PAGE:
2 SFRs - one checking account for both the rent deposits and paying all expenses including mortgages connected to the same savings account above for reserves.

The only reason I have the separate checking account for the SFRs is because my wife doesn't think the SFRs make money and doesn't really want me buying SFRs so its sort of a test to see/show her how well they cash flow. She doesn't want the multis to support the SFRs.

I dont collect security deposits but that would require a completely separate account. Its also a certain type of bank account so the money in the account is not mistaken to be your asset in case the IRS or some other entity were ever to come in and sieze your assets. The security deposit money would be safe. 

Thanks for sharing Rob. Great info as well. I appreciate it. 

@Devin Scott ,

I have 3 properties, they all have their own bank accounts, it makes the accounting much easier for me.  I try to make sure all transactions for a specific property run through that account, then it's easy to track. 

Hi Devon- I have 3 SFR's- one bank acct for all of the ins and outs (taxes and insurance are included in the mort.payments), and one bank acct for the security deposits. I have 3 MFR's in an LLC- one main chkng acct for all of the ins and outs, one acct for the security deposits, one acct where I self escrow taxes and insurance monthly for all of the properties, and one linked personal acct where I sweep excess cash so as to get it out of the LLC where it is more vulnerable to lawsuits from my business activities.

When you use QuickBooks it allows you to have one bank account and link that bank account to Income received from each individual properties, as well as subtracting the expenses per property as well.  ( you will want to have a bank account for your Security Deposits as well, but that's it)

Then at the end of the month, or whenever you want, just print out a Profit and Loss Report by Class. 

Think of your Business Bank Account being the trunk of a tree. 

The branches from that tree represents your rental homes.  

All branches are connected to the trunk of the tree, but each limb represents a rental property. 

When you want to know how much money each limb or house makes you in money, step back and take a picture of that tree.  Zoom in and see how many buds have grown on that limb.   In other words, Print out a Profit and Loss Report by Class, zoom in on one property an see how much income you made, less expenses and view your bottom line.

My goodness, all of you are creating such a tedious scenario in handling your money.  

Keep your business account separate from your Personal Account.

Put at least $100 a month in an Escrow account for repairs for each house you own.  

If you think you need more than that for repairs, then set aside $200.00 a month for repairs for each house.  But each house will never use $200 a month, because your homes should already be up to code before you rent them out.

You are making way too much work for yourselves.

Nancy Neville

I have multiple mortgages and most are blankets. I write several mortgage checks each month from the llc that owns those particular properties. Quickbooks makes it easy for me to break down each payment for a specific property as well as allocating towards principal and interest.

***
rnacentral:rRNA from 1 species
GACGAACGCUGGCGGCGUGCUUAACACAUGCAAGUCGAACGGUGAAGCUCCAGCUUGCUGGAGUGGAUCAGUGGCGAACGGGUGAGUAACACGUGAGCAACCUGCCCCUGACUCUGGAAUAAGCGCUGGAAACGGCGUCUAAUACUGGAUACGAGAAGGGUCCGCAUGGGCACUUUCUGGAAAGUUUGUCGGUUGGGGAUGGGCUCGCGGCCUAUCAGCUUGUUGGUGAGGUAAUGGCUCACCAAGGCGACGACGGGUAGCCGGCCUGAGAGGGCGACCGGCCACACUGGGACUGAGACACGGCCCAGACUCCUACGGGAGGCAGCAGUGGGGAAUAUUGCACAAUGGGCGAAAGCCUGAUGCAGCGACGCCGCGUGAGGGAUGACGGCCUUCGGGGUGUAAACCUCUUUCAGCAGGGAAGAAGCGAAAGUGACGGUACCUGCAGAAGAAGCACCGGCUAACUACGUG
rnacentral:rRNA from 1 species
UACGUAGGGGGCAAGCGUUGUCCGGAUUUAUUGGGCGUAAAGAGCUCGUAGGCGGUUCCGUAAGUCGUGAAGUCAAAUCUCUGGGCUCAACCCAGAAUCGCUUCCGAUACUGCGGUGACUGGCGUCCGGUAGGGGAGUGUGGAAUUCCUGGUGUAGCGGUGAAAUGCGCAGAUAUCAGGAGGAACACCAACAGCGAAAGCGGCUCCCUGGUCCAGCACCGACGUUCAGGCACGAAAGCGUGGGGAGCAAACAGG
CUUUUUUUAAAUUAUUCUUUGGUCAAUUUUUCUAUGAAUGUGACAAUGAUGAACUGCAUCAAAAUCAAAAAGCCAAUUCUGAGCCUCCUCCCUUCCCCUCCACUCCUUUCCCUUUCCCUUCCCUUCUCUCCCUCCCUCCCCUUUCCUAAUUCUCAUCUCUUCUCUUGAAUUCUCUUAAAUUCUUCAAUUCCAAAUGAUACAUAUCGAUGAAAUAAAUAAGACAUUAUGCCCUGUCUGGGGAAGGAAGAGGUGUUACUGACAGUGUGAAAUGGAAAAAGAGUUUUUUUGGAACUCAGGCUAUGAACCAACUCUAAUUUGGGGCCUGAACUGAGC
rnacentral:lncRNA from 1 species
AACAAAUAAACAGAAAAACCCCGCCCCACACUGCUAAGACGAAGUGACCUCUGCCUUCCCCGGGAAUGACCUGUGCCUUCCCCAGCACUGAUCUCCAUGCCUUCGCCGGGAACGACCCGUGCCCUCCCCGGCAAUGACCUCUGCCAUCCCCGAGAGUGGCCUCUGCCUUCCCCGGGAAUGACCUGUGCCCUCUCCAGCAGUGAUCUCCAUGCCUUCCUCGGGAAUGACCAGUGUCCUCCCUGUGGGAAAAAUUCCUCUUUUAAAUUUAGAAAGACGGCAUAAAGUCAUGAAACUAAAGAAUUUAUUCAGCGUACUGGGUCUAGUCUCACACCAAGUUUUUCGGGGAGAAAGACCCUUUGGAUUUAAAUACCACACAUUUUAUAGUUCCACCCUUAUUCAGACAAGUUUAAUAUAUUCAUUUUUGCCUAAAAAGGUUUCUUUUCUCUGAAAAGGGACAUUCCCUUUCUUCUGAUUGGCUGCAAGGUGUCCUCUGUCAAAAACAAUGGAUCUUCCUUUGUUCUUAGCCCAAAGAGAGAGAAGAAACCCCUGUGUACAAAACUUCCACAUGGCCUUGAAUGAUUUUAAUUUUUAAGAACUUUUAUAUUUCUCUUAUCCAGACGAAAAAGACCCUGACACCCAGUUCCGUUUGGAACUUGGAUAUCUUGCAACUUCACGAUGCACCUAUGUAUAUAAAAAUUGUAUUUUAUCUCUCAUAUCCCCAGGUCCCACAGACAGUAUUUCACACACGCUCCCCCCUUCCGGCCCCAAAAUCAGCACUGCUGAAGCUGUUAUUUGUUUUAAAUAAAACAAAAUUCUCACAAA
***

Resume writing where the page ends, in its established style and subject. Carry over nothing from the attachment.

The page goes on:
I have multiple mortgages and most are blankets. I write several mortgage checks each month from the llc that owns those particular properties. Quickbooks makes it easy for me to break down each payment for a specific property as well as allocating towards principal and interest. Nancy, that was a great reply. I love using Quickbooks. Doing p/l per property by class is just so simple.


I was contemplating this same issue...

We just purchased our third rental property (all are multi units) and here is what I have done so far:  Savings account for security deposits, checking account that rent gets paid into.  Then I have one checking account per property, most of the rent gets transferred to each account which then pays the mortgage and any other expense for that property, the rest stays in the PM account which pays for common expenses such as supplies used on all properties.  I liked this because I know at a glance how each property is doing.  The accounts are linked so transferring money between them is immediate.

We are purchasing 2 more this year and I might just keep them separate within Quickbooks as Nancy describes above.  It will keep track of how each property is doing without having so many accounts at the bank.  I might open just one more to use for Cap Ex savings or I might just keep them separate within Quickbooks only.


On the same note --- with Nancy - You are making way too much work for yourselves.

Set up an auto withdrawal with your utility, phone, mortgage and for those recurring expenses. Many time the vendors offer a discount or a rebate for setting up auto payments.

I remember on one of our property we received one time $$$ to set it up. Keep in mind you always have funds because a NSF fee from the vendor may be very high. One vendor charged $250.00 . Read the fine print.

Keep the questions coming - that is the only way we all learn on how to SAVE TIME AND MONEY. :)

Gita Faust

Great information everyone. This is the best place for info. I will go get Quickbooks.